We habitually value costs and benefits more highly in the near term than in the future
Every once in a while, I like to read books about health, food, and the environment, mainly to remind myself that there are plenty of problems out there and plenty of things we do wrong, but also to make myself extra mindful of the food I eat and the unhealthy habits I still nourish. When Jill recommended this book early this year, I wanted to read it for pretty much those same reasons, plus the fact that Jill loved it a lot.
The Story of the Human Body wasn't entirely what I expected it to be, but that's not to say I didn't enjoy it. I guess I was expecting more a contemporary history of how we harm our bodies currently and how we pay for that. But I liked Lieberman's approach much much better - he pretty much took the entire history of the human body, from before our true ancestors' arrival on Earth, to the present. And while he was at it, he gave a good understanding of how we went from hunting cavemen eating what's available in the ground to the more laid-back people of the present who eat food from a can.
He also explores a great deal about evolution. One interesting analysis he mentioned is how our ancestors chewed on mostly hard food but how we now have our foods softened so much that our teeth don't get much exercise. That is part of the reason why we increasingly need braces to help align our teeth better. This book is littered with tons of such interesting tidbits that often fascinated me, but occasionally also left me feeling disappointed about our rapid advancement and industrialization. Make no mistake - I am in no way saying that I will give up today's technologies so that we can have a healthier environment. Remember how smoking was considered okay to do? And now we have in-your-face ads (rightfully so) to help stop it from being a fad. When it first entered the market, who knew that smoking could be a bad thing (something that we just seem to know now). That's the danger - we seem to know what's bad only after it has become bad for us.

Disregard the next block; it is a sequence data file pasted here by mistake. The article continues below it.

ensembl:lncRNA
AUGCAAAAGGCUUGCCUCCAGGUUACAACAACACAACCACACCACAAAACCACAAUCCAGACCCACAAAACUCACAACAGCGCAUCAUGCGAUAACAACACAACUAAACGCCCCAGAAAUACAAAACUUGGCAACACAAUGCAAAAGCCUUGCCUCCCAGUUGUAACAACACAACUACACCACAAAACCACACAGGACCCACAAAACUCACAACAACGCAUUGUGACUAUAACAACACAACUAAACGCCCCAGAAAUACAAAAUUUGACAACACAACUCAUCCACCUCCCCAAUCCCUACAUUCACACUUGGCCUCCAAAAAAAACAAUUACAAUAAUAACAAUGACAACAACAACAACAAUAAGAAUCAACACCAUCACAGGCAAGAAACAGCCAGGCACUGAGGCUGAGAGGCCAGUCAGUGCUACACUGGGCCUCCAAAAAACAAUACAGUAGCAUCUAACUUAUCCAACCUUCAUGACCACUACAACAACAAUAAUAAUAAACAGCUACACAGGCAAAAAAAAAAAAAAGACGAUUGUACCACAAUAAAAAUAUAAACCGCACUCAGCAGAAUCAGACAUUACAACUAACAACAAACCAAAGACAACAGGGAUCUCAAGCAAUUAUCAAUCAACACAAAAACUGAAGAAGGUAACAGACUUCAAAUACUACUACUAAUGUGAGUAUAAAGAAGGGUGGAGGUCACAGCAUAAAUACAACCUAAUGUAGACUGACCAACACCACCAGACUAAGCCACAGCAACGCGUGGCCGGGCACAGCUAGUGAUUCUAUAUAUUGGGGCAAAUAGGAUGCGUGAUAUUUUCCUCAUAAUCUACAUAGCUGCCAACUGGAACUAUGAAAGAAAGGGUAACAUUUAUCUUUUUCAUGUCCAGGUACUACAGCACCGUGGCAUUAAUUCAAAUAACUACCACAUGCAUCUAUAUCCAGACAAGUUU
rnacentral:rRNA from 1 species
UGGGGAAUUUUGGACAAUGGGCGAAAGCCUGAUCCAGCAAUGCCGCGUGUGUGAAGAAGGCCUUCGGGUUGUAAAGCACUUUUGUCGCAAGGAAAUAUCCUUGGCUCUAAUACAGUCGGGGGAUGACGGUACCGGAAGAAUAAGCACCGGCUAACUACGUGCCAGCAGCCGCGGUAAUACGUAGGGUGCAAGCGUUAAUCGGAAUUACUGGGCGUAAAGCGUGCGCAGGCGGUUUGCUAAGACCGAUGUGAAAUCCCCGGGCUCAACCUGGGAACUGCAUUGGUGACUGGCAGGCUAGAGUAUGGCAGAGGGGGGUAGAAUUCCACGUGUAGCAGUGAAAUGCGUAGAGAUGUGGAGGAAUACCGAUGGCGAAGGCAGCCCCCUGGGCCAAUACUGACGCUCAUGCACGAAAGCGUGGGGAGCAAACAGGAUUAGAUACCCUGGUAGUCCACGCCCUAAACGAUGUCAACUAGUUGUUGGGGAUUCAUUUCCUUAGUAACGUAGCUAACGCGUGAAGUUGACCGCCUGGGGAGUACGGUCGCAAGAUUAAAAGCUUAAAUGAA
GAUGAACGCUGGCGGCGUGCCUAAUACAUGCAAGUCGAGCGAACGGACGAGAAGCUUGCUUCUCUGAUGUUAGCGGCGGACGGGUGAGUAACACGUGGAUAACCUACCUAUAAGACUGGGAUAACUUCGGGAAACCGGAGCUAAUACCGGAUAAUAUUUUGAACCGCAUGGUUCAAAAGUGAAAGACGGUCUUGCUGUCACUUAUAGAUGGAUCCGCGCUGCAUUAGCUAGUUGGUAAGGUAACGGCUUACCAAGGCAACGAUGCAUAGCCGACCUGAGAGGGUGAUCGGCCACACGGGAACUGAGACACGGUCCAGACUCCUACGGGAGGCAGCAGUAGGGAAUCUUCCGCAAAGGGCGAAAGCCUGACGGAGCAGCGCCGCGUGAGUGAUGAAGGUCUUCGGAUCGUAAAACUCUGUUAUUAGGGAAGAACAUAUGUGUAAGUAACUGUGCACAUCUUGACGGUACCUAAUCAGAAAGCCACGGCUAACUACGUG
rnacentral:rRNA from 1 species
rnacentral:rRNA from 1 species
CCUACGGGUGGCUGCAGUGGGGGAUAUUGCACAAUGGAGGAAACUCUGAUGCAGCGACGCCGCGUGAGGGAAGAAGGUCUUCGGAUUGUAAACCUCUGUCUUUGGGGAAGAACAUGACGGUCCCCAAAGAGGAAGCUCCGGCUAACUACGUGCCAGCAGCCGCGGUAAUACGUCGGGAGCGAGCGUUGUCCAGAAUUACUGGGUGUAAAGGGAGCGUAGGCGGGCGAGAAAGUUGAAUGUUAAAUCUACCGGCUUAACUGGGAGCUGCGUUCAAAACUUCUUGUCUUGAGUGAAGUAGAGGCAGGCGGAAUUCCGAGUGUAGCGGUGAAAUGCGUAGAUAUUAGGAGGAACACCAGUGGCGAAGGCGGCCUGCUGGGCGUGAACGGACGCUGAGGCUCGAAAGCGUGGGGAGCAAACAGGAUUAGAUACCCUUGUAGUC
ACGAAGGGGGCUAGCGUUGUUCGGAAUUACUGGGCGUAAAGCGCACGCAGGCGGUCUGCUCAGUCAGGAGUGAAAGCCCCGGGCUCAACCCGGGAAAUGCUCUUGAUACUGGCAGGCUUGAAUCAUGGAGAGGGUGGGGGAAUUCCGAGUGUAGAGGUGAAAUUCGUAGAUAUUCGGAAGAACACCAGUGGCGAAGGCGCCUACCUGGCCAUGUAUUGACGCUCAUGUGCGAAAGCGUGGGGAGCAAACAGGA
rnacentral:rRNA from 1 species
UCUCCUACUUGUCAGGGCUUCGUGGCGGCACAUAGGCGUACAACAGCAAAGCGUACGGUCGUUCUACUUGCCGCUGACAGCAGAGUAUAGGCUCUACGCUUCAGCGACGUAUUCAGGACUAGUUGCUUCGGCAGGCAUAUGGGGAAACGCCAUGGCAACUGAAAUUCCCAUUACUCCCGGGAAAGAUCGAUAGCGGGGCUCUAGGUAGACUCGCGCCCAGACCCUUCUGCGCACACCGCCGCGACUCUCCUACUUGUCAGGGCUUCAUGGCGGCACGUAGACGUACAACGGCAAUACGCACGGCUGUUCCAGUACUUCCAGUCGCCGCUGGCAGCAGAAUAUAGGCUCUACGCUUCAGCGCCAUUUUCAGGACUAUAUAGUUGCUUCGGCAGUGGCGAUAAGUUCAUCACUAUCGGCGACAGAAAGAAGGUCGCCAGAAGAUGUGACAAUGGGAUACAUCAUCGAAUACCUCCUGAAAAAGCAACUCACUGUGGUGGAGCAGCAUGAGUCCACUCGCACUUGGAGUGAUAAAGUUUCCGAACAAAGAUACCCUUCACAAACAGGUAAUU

I loved this book for its many interesting facts. Lieberman doesn't try to convert you one way or the other. He portrays the picture as it is and explains what can help revert it (eating real food), but admits that it is not something that is going to be easy to do. It doesn't help that some very powerful corporations control a huge chunk of the food industry and no matter how much you look for good food, it is still hard to come by because of how much this industry has been tainted. I will admit that for a good while after listening to this book, I have been feeling very lost in the kitchen when I try to decide what to cook. There is only so much of the same foods you can eat, but while we indulge once in a while, the husband and I have been mostly trying to cook healthy at home.
I will echo what Jill said - "I recommend buying this for people you love, and insisting they read it." There are some valuable lessons in here and I think it is crucial for people to know more about their bodies, how they were meant to evolve, and how their lifestyles evolved instead. It may not make you say no to the next donut you see (though I have now been able to more easily walk away from such foods than I have been before). Rather than just get an oft-stated premise that certain lifestyles are bad for you, this book goes one step ahead - it gives you the history of the human body and lets you figure the lessons out yourself.
I borrowed this audiobook from the good old library.